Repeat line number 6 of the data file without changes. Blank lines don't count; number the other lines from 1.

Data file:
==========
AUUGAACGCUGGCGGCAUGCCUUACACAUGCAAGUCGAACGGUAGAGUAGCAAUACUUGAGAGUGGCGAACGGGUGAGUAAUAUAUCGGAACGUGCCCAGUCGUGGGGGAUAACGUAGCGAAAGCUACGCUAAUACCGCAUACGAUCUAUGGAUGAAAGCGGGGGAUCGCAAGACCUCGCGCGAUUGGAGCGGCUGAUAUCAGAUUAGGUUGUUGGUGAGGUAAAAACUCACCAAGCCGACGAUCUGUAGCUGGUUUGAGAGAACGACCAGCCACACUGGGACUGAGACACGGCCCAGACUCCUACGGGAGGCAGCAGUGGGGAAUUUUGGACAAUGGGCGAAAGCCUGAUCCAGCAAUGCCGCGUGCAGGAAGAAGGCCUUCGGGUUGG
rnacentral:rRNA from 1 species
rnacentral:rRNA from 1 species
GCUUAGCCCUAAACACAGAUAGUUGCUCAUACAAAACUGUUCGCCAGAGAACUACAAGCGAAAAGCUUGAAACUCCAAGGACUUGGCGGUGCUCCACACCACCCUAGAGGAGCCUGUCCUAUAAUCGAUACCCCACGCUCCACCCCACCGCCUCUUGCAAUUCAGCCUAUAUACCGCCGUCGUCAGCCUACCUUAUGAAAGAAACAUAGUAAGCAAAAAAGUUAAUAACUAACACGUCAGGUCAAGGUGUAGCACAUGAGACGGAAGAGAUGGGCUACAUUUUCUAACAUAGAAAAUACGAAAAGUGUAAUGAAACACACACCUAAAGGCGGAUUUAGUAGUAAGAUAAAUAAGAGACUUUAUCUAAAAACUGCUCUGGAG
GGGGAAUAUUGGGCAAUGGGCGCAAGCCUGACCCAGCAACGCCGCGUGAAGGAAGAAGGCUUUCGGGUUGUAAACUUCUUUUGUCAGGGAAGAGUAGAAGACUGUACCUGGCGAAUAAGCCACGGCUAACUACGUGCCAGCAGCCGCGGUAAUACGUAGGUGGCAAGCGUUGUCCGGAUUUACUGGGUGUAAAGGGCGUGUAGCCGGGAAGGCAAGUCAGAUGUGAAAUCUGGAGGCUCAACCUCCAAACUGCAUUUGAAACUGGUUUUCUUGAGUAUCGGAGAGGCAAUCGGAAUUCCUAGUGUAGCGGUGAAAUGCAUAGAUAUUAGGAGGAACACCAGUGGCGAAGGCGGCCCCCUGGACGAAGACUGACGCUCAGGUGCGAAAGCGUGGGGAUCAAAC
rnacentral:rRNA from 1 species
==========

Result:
rnacentral:rRNA from 1 species